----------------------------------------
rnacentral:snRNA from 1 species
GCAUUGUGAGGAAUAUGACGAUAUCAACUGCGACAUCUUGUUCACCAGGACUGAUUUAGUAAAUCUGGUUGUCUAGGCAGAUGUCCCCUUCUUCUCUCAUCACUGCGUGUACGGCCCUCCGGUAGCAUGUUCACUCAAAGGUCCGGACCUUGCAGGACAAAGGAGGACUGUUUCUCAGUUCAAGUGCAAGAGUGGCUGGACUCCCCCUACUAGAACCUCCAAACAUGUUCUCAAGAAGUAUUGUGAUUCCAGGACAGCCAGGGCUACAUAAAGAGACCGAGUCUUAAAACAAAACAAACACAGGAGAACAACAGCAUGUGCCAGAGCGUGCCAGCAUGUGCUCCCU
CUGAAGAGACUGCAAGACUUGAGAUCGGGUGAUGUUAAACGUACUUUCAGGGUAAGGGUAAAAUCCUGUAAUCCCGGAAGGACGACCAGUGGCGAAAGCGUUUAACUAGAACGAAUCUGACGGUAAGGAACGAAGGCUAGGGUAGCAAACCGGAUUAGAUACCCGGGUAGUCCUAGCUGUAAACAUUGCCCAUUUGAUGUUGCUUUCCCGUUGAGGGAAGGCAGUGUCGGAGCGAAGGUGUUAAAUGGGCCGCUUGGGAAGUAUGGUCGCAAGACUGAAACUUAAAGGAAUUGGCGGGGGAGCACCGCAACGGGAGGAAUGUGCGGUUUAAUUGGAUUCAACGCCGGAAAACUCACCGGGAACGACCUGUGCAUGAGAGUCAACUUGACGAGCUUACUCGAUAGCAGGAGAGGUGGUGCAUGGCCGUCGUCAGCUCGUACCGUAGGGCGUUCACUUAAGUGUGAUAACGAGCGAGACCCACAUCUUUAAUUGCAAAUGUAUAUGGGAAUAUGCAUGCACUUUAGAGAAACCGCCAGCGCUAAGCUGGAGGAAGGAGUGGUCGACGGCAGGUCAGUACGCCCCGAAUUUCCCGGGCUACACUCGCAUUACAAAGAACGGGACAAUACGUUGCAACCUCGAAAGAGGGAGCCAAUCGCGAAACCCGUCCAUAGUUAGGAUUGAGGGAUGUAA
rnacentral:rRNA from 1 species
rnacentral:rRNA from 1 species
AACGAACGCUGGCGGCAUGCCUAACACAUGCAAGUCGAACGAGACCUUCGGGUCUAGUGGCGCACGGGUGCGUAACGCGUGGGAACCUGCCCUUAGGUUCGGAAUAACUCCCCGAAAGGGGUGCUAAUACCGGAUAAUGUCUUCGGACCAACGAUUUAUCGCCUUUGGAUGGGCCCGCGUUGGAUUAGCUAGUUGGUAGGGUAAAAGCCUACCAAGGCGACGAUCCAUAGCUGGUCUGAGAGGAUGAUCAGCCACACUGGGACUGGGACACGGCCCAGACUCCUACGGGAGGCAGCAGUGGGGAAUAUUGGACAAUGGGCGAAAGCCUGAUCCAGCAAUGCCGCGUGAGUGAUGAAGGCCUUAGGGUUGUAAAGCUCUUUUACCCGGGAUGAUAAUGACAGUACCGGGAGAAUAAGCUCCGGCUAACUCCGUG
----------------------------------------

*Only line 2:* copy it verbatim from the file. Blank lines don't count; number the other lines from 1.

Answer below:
GCAUUGUGAGGAAUAUGACGAUAUCAACUGCGACAUCUUGUUCACCAGGACUGAUUUAGUAAAUCUGGUUGUCUAGGCAGAUGUCCCCUUCUUCUCUCAUCACUGCGUGUACGGCCCUCCGGUAGCAUGUUCACUCAAAGGUCCGGACCUUGCAGGACAAAGGAGGACUGUUUCUCAGUUCAAGUGCAAGAGUGGCUGGACUCCCCCUACUAGAACCUCCAAACAUGUUCUCAAGAAGUAUUGUGAUUCCAGGACAGCCAGGGCUACAUAAAGAGACCGAGUCUUAAAACAAAACAAACACAGGAGAACAACAGCAUGUGCCAGAGCGUGCCAGCAUGUGCUCCCU